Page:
How Low Can the Claims Data Go?
The weekly unemployment claims data rarely receives more than a brief mention in the press. What used to be the most anticipated number of the week is now an economic oddity. The data that is most relevant to most people are the non-seasonally adjusted (NSA) first-time unemployment (FTU) claims number and the NSA Continuing Claims (CC) number. What is reported in the media is seasonally adjusted (SA) FTU and CC data. The seasonal factors used to convert the NSA data to the SA data change by category, week, month, season and year. When data from different seasons are compared FACTs (False Assertions Considered to be True) are created. One last thought before looking at this week's data: There is a program available to those who have lost jobs during the recent Hurricanes who would normally not qualify for unemployment benefits, the Disaster Unemployment Assistance program. Check your to see if your county is eligible for the DUAP program.
First-time Claims Fell to 206,000 - Non-seasonally Adjusted. The rest of 'the world' used top obsess over the seasonally adjusted data. The 'rest of the world' used to obsess over the number of consecutive week below 300,000 seasonally adjusted first-time unemployment claims. We have rarely ever been below 200,000 NSA FTU claims. We almost did it again! We had fewer claims during the fifth week of September 2017 than we had during the third week of September 1974. Let that digest.
Serious Historic data for Fifth (Final) week of September. We do not always have a "fifth Saturday." We had fewer NSA FTU claims last year, and yet if you compare the final week of September 1970 with this year we have fewer SA FTU and fewer NSA FTU - with over 80 million more potential claimants.
Continuing Claims for the Fourth Week of September lower than what we normally seen during October or November, non-seasonally adjusted. The continuing (CC) claims data lags the FTU claims data by one week. We are seeing data that we normally see during the first week of October or the first week of November. We have two more collection dates to hit the first week of October. We are already at comparable levels seen during October of 1999 and October 1978. We have fewer continuing claims than we had for the fourth week of 1971. We have only 40,000 more continuing claims than we had during the fourth week of 1970.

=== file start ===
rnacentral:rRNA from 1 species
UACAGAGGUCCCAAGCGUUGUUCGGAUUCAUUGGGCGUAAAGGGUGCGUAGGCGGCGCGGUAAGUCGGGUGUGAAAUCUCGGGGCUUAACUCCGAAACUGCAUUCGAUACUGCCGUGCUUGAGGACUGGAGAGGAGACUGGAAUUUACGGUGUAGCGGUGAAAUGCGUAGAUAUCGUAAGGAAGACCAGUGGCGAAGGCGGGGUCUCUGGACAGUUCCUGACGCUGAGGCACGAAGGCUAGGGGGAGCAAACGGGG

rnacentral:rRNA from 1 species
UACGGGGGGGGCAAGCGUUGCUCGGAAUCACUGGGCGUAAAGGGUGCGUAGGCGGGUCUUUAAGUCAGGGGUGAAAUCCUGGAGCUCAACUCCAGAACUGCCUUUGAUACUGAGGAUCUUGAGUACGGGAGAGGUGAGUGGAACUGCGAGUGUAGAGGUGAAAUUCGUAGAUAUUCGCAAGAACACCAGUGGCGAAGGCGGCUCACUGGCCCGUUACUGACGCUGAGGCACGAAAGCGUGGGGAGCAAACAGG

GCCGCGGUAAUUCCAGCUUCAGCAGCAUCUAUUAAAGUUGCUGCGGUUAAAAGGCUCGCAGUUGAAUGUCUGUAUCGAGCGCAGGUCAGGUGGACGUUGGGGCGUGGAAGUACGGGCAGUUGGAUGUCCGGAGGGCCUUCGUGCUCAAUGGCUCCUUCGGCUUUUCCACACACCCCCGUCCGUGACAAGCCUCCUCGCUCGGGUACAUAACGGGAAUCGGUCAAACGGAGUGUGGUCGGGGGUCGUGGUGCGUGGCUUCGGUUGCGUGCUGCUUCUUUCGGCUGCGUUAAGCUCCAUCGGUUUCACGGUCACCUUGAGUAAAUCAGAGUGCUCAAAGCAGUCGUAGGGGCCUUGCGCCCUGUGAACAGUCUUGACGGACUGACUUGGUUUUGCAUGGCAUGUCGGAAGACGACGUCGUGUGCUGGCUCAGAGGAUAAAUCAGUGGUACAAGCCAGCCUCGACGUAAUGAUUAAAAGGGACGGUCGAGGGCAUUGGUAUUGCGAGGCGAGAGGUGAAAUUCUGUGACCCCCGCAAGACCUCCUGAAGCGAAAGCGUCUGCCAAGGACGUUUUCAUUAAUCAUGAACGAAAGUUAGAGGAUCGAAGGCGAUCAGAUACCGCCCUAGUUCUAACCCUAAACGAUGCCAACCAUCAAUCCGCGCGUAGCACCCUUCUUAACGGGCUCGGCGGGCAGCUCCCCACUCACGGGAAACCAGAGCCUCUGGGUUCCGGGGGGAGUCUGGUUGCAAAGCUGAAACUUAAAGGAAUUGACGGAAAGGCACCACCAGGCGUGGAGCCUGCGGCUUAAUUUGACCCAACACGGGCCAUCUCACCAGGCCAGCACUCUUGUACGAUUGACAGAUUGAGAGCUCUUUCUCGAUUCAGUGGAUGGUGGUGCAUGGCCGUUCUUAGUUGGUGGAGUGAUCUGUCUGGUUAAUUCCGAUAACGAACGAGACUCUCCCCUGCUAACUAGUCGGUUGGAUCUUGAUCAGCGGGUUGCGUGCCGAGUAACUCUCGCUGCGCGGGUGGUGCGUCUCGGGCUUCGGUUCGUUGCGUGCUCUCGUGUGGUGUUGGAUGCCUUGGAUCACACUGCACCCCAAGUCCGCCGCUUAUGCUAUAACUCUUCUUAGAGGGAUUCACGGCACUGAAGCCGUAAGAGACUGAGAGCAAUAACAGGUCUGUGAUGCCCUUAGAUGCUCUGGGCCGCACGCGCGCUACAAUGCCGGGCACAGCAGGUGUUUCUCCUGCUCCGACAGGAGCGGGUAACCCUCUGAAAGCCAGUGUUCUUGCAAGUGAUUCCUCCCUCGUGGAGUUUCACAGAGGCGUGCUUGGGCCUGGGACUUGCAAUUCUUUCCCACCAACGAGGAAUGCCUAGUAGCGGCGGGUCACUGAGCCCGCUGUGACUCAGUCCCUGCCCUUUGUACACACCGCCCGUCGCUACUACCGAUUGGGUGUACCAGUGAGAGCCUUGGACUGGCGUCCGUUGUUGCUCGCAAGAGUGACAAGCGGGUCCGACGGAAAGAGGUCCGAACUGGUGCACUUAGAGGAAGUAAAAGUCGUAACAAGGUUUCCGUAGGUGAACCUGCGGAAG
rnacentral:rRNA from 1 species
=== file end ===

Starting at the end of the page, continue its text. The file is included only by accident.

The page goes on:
There are a Million fewer Continuing Claims than the Fourth Week of September 2012. If you look at the data table that focuses on three low periods in our history you will see that we have 1.2 million fewer claimants this week than during the same week of September 2012. We have 100,000 fewer continuing claims than the same week of 2000.
The Hurricane Effect - Driving Claims Down? The authors of this week's report are proclaiming that Hurricanes Harvey, Irma, and Maria are impacting the report data this week. Combined, the collection dates for this report are September 9, 16, 23, and 30.
It is true that we should be seeing the impacts of Harvey and Irma in the data. We could be seeing the impacts of Maria if expedited DAU insurance claims is taking place. The "problem" is that the notes for the report indicate that First-time Claims in Puerto Rico for the week ending September 30th are down from September 23rd by 174 claims. How can continuing claims be dropping from from 1.735 million to 1.637 million claims between September 9th and September 23rd if Irma is having an impact on the data? It is going to take two weeks for the continuing claims data to impact the continuing claims data - so maybe next week. There is zero comment on the DAU program in the weekly reports.
The economy is doing really well if you look at the weekly claims data. That is a big "if." Last week the weekly unemployment claims article was the most read article of the week. Share this information with those you know in Florida, Texas, or Puerto Rico. Share it with your Twitter friends. Share it with your Facebook friends. The data is "historically" good. It is "hysterical" to state that the hurricanes are impacting the claims data as they continue to be at or near 47 year lows.
It's the economy.
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